And now, a quick look at some of the kind comments I’ve received about The Hatter.
The Hatter drew an enthusiastic applause at the showcase.
Yes, well, that’s all good, but what about the show itself? Well, according to Susannah Joyce at Beat Magazine, who gave the show three out of four stars…:
Much of the writing is… clever and funny, with a polished, lyrical style. An invitation to sing “A Very Merry UnBirthday”, with words thoughtfully printed out in the Program, was well received by everyone.
Story is important to the Hatter.
The battle with The Jabberwocky is enjoyable theatre, with very good use of audience participation and well designed costumes and props to enhance the visual effect.
The Hatter is an admirable effort and a worthwhile visit inside the mad workings of Wonderland.
The London Free Press and Joe Belanger later followed up with a review of their own:
Wade’s performance as the jaded, lonely Hatter is a delight, convincing and poignant, not quite what one would expect, which is perfect for a Fringe festival.
The Hatter is a fun show that children might find entertaining, although their parents are sure to feel a little on edge from the tea party upon their arrival through to the opening scene and the show’s poignant conclusion.
You quickly learn to expect the unexpected, which can only be attributed to Wade’s fine acting skills. To maintain that tension for 50 minutes is no easy feat.
The Hatter is a show well worth catching.
During the run, perhaps my favourite comment which I personally received was:
At the end there, it really got me in the feels.
And finally (for now), I received a lovely email after my last performance in London:
Hi Andrew or Hatter or Ernest.
My boys (one of whom put ketchup in his tea by choice) and I really enjoyed your show at The London Fringe.
You have a great voice, a terrific imagination, good tea and hilarious songs.
We loved your impromptu song about trying to get elephants to fly.
Thank you for the story about the Albatross. It gave me an opportunity to tell my boys about The Rime of the Ancient Mariner.
Hope you enjoyed your time here in London and made some good dough.
And we hope you continue to act and sing and create.
Come back to London next year.
Makes all the hard work worthwhile. I look forward to seeing how Ottawa receives the show! Thursday beckons! (Tickets available here!)
Nine hours of Greyhounds later, I arrive in Ottawa, lugging my two giant suitcases out of the bus, wishing I hadn’t packed such a props heavy show. But it’s a good show.
The bus was an hour late, but my billets only live what should be a half-hour walk away. Outside the bus depot, I stop and put on an extra shirt to cover up from the chill night air, an hour chillier than I was expecting. While there, a taxi driver offers a lift. At a cost, of course, but as a minimum wage worker who expects to lose money during his stay in this town (due to Bring-Your-Own-Venue fees), eh, I’ll save the money and walk with all my gear.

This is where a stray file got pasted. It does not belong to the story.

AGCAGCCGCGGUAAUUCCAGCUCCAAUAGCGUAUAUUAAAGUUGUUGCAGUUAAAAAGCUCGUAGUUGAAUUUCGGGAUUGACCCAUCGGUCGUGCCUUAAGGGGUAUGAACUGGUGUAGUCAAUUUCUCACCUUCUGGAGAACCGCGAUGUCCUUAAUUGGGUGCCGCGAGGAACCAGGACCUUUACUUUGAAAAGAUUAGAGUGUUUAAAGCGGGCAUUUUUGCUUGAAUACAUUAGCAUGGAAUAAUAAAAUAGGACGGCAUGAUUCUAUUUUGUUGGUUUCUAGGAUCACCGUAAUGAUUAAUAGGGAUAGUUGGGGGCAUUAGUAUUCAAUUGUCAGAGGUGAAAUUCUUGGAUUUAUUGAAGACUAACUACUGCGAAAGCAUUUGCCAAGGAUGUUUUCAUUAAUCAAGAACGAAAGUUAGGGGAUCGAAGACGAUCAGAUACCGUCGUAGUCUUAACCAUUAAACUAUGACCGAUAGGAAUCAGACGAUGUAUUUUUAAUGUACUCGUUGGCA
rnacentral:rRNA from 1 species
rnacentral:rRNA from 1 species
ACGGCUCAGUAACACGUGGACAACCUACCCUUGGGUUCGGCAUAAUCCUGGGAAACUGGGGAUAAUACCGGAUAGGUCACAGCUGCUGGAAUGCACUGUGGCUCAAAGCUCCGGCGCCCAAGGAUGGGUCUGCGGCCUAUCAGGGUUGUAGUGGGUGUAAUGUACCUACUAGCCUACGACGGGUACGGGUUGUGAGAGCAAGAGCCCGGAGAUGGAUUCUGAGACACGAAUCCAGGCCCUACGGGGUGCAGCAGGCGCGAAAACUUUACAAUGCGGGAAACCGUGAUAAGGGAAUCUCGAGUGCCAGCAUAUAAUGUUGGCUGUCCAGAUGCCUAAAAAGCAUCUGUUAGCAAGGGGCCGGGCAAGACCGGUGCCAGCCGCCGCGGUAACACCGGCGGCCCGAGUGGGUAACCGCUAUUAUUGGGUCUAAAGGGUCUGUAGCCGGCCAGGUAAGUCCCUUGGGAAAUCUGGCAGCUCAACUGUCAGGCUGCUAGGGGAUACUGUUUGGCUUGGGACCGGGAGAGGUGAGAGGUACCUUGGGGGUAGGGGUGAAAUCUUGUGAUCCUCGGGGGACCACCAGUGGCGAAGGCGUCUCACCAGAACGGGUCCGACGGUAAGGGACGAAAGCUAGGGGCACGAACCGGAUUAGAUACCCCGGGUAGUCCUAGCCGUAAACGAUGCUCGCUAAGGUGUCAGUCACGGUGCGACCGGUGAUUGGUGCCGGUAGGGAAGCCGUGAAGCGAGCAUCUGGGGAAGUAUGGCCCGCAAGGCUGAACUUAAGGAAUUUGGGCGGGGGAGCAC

I forget in that moment how uncomfortable it is to have a backpack heavily laden with a huge brick of a laptop. A backpack whose straps have each broken earlier in my tour, and so now are held on by uncompromising, unextendable duct-tape, so that one strap is longer than the other, creating quite a lot of strain on my left shoulder.
I immediately regret my decision not to just take the taxi.
Three or four short but-oh-so-long blocks later, I am passing by a Subway sandwiches restaurant when a woman in the parking lot, a propos of anything, offers me a ride to wherever it is I’m going. Clearly she could see my Sisyphian struggle rolling my body’s weight across the pavement, and took in my Mad Hatter’s hat, perceiving that I wasn’t a threat to her or her daughter.
I swear, traveling is just improving my already high opinion of strangers, tenfold. Just so gosh darn nice.
We stop at my new billet’s place, where the couple I am staying with, Dean and Ruth, are waiting outside on the porch to greet me. Them and their giant black dog. I thank my ride and leave them with a business card and promise to offer them comps, but they want to pay for tickets to support me. Hopefully I hear from them.
At this point, all I know about my billets are that they have a giant dog, that they don’t own a vehicle, and… and that the man looks and dresses like the prototypical Amish gentleman. Like someone who would be right at home at a barn-raising, right down to the impressive and impressively sculpted facial hair. I have an immediate wonder as to whether or not their home will have electricity.
Half an hour of conversation later (in the well-lit, not-at-all-a-barn home), I discover that my billet is a storyteller who will be performing a version of Moby Dick. Which explains the facial hair somewhat. (Though his wifi internet password DOES relate to Amish communities, not to be any more specific about it.)
(He is clearly a complex man.)
But here I am, in the nation’s capital, eager and ready to take in a new environment. I mean, London was nice, but if you had told me I was off in a corner of Victoria or somewhere slightly inland from Abbotsford, I might have believed you.